Journal of Medical Genetics 06/2010; 47(6):404-10. · 5.70 Impact Factor
  • Revue Neurologique - REV NEUROL. 01/2010; 166.
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    ABSTRACT: Monogenic diabetes may account for 1-2% of diabetes cases. They constitute a group of heterogenous diseases as regards to their clinical presentation and genetics. Genetic screening may be guided by the phenotype of the patient. However, in some cases differential diagnosis with early-onset type 2 diabetes may be difficult. According to their clinical presentation, monogenic diabetes may be divided into three main groups: in the first one, corresponding to MODYs (Maturity onset diabetes of the young), diabetes is the main clinical symptom; in the second one, diabetes is associated with extrapancreatic features, such as renal involvement in the RCAD syndrome (Renal cysts and diabetes, or MODY5), or deafness and macular dystrophy in MIDD (Maternally inherited diabetes and deafness), due to a point mutation of mitochondrial DNA; the third group comprises neonatal or early infancy diabetes. The diagnosis of monogenic diabetes has clinical implications in terms of prognosis, treatment, screening for associated anomalies, and for genetic screening of relatives.
    Médecine des Maladies Métaboliques 09/2009; 3(4):448–453.
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    ABSTRACT: Glucokinase is a key regulatory enzyme in the pancreatic beta-cell. It plays a crucial role in the regulation of insulin secretion and has been termed the glucose sensor in pancreatic beta-cells. Given its central role in the regulation of insulin release it is understandable that mutations in the gene encoding glucokinase (GCK) can cause both hyper- and hypoglycemia. Heterozygous inactivating mutations in GCK cause maturity-onset diabetes of the young (MODY) subtype glucokinase (GCK), characterized by mild fasting hyperglycemia, which is present at birth but often only detected later in life during screening for other purposes. Homozygous inactivating GCK mutations result in a more severe phenotype presenting at birth as permanent neonatal diabetes mellitus (PNDM). A growing number of heterozygous activating GCK mutations that cause hypoglycemia have also been reported. A total of 620 mutations in the GCK gene have been described in a total of 1,441 families. There are no common mutations, and the mutations are distributed throughout the gene. The majority of activating mutations cluster in a discrete region of the protein termed the allosteric activator site. The identification of a GCK mutation in patients with both hyper- and hypoglycemia has implications for the clinical course and clinical management of their disorder.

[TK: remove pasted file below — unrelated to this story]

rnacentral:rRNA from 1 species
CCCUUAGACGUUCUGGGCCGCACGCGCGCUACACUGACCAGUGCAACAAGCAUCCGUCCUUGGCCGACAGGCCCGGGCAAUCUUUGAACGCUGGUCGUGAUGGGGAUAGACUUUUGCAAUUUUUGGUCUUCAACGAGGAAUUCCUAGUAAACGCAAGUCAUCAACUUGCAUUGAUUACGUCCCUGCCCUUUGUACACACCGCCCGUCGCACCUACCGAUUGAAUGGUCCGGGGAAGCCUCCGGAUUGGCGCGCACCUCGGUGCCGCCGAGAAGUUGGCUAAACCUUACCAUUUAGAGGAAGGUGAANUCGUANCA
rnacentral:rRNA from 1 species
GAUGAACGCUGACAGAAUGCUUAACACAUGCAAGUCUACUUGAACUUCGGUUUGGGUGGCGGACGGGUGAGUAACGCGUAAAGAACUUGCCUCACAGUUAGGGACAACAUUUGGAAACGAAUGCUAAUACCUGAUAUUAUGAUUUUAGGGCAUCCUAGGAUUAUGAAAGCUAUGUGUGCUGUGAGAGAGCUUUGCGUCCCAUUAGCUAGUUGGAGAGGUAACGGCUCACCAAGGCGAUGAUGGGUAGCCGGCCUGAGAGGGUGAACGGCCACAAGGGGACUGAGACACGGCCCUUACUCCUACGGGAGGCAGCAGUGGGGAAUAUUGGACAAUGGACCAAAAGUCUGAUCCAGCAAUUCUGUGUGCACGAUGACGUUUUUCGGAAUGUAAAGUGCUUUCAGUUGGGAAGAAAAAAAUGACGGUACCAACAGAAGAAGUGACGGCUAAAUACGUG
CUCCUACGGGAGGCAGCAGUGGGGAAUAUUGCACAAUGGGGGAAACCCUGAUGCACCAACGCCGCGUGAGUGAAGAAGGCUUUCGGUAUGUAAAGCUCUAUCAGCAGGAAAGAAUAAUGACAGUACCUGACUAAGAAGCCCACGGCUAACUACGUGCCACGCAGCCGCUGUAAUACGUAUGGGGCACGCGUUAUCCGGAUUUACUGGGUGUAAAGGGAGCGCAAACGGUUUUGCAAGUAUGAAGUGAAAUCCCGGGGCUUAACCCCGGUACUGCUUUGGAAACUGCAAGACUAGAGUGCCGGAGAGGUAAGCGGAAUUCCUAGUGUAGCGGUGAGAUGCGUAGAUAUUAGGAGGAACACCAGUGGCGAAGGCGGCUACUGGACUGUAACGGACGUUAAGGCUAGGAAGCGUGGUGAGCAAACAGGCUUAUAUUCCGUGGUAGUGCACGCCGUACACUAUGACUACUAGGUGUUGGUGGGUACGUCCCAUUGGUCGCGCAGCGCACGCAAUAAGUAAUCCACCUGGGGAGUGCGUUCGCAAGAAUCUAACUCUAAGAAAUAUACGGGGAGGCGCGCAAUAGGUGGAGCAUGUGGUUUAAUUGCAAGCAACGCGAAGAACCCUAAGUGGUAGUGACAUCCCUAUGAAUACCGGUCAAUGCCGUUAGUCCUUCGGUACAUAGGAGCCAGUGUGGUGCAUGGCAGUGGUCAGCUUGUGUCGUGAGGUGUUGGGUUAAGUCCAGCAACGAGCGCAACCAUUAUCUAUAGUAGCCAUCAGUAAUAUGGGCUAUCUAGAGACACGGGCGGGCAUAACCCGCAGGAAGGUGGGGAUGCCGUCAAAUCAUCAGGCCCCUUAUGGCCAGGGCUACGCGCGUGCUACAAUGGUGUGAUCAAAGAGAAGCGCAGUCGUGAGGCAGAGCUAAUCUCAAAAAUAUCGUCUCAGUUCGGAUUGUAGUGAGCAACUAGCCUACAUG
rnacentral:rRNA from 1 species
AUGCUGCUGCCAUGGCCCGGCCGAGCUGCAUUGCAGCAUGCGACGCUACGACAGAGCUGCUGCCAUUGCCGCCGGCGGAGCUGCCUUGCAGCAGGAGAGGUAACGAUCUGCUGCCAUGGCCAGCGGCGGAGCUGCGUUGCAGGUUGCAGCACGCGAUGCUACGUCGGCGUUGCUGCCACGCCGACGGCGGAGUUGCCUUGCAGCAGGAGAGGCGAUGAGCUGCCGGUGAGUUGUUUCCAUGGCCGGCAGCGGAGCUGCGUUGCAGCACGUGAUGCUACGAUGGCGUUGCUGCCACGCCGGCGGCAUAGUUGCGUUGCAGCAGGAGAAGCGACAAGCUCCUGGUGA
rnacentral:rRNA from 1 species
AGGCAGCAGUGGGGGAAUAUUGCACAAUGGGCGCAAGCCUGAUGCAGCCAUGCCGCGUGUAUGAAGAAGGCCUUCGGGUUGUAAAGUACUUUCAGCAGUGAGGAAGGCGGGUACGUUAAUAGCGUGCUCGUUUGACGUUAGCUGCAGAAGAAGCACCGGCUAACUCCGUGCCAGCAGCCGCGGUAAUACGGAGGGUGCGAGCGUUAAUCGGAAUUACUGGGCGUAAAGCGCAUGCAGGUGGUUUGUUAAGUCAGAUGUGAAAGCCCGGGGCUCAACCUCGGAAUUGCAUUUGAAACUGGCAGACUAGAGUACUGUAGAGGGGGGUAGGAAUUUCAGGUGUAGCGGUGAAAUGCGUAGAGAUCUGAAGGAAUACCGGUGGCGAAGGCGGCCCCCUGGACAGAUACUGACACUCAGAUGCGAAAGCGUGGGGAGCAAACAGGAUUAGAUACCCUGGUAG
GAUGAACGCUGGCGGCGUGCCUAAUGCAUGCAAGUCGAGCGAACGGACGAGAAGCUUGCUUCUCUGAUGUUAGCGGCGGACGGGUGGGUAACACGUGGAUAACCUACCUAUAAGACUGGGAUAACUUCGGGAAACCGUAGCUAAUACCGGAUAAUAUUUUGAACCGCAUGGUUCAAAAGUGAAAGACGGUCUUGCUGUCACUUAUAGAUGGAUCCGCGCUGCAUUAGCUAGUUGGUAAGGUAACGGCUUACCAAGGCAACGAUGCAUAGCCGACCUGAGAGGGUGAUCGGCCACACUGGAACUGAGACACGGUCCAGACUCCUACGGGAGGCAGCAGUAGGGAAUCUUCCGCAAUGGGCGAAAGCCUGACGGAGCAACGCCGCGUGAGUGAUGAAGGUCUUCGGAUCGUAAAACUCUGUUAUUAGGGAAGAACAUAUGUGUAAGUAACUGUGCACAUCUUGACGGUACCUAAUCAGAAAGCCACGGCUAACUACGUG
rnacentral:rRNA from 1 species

Human Mutation 09/2009; 30(11):1512-26. · 5.21 Impact Factor